The Militant(logo) 
    Vol.60/No.7           February 19, 1996 
Paris Losing Ground To Competitors  


PARIS - "It is not in the nature of the French nation to live through reforms passively," said president Jacques Chirac during his recent visit to the United States. The French daily Le Monde expressed doubts that this attempt to downplay last December's massive labor unrest in France would be convincing to U.S. capitalist investors.

Still reeling from the impact of these mobilizations, the biggest in France in over two decades, French capitalists are now confronting a new downturn. Unemployment in France has increased steadily since September and now stands, officially, at 11.7 percent. More than a third of the 3 million unemployed have been out of work for longer than a year.

On January 30, the Chirac government announced a series of measures aimed at increasing the demand for industrial products. "Indecision in Paris, Determination in Bonn," is how Le Monde compared these measures to others introduced the same day by the German government.

Losing ground on the economic front, the French imperialists have taken a series of steps aimed at strengthening their position vis-a-vis their imperialist competitors in Europe. Announcing the conclusion of France's current nuclear testing program on January 29, Chirac spent most of his speech defending the program itself. "I have the feeling," he said, "that I have accomplished my first responsibility in giving France, for decades to come, the means of its independence and security." Despite what he called the "frightening" power of nuclear bombs, he insisted France's arsenal would "serve the interests of peace."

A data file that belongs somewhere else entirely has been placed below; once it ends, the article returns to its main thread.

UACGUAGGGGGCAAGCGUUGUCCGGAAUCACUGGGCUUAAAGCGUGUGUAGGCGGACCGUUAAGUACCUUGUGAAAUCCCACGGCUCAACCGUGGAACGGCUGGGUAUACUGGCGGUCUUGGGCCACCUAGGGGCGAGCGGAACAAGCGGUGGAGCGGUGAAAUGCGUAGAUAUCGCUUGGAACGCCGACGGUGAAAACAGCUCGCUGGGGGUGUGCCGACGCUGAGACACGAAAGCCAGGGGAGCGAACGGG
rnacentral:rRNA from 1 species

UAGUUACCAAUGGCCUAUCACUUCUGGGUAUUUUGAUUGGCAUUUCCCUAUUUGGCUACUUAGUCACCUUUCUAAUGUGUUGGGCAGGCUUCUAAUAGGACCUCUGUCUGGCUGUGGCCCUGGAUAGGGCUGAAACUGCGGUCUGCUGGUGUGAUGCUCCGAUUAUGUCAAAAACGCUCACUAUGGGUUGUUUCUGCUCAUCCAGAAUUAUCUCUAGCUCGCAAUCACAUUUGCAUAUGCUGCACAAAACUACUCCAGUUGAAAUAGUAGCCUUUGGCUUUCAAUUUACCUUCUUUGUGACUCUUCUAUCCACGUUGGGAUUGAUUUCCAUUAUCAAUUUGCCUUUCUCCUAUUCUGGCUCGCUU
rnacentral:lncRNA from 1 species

France, Chirac said, will now "play an active and determined role in favor of disarmament in the world and also for a better European defense." French capitalists are using their nuclear power as an edge against their rivals, in particular in Germany and Japan.

The recent decision by Paris to return to the NATO military command after three decades of developing an independent nuclear arsenal and its decision to integrate French nuclear forces with those of its imperialist allies in Europe and North America is aimed at maximizing the influence of the French capitalists in the world.

France remains an important economic power. It is the fourth world exporter of products and the second of services. Exportations per capita are higher from France than United States or Japan.

But Paris is losing ground to its main imperialist competitors. Its reintegration into NATO is also a reflection of the dominant role of U.S. military power in the world today as can be seen in Yugoslavia. French troops in Yugoslavia are now under NATO's command, largely dominated by U.S. military forces.

Paris's reintegration into NATO is an implicit confession of the inability of the governments in France and other countries in Europe on their own to build up a military intervention strong enough to seriously attempt the reimposition of capitalism in this part of the world.

While at a much lower level, labor resistance to the bosses' offensive continues. The General Confederation of Labor (CGT) has called for demonstrations in several cities on February 11. The mobilization is for wage increases, jobs, reduction of the workweek, and the withdrawal of Prime Minister Alain Juppé's austerity plan.

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